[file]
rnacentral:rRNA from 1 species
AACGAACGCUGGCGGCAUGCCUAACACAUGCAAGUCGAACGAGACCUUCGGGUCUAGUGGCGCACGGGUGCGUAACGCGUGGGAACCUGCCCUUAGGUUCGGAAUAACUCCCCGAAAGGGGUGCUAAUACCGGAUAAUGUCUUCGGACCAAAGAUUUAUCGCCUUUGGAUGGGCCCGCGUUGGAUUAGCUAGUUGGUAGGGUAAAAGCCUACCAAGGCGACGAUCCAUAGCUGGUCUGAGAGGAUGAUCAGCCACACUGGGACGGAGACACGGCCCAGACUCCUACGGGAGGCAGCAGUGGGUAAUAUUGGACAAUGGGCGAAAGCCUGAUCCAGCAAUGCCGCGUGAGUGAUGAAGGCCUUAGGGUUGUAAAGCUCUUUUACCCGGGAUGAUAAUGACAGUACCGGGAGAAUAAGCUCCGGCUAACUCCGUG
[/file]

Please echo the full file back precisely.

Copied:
rnacentral:rRNA from 1 species
AACGAACGCUGGCGGCAUGCCUAACACAUGCAAGUCGAACGAGACCUUCGGGUCUAGUGGCGCACGGGUGCGUAACGCGUGGGAACCUGCCCUUAGGUUCGGAAUAACUCCCCGAAAGGGGUGCUAAUACCGGAUAAUGUCUUCGGACCAAAGAUUUAUCGCCUUUGGAUGGGCCCGCGUUGGAUUAGCUAGUUGGUAGGGUAAAAGCCUACCAAGGCGACGAUCCAUAGCUGGUCUGAGAGGAUGAUCAGCCACACUGGGACGGAGACACGGCCCAGACUCCUACGGGAGGCAGCAGUGGGUAAUAUUGGACAAUGGGCGAAAGCCUGAUCCAGCAAUGCCGCGUGAGUGAUGAAGGCCUUAGGGUUGUAAAGCUCUUUUACCCGGGAUGAUAAUGACAGUACCGGGAGAAUAAGCUCCGGCUAACUCCGUG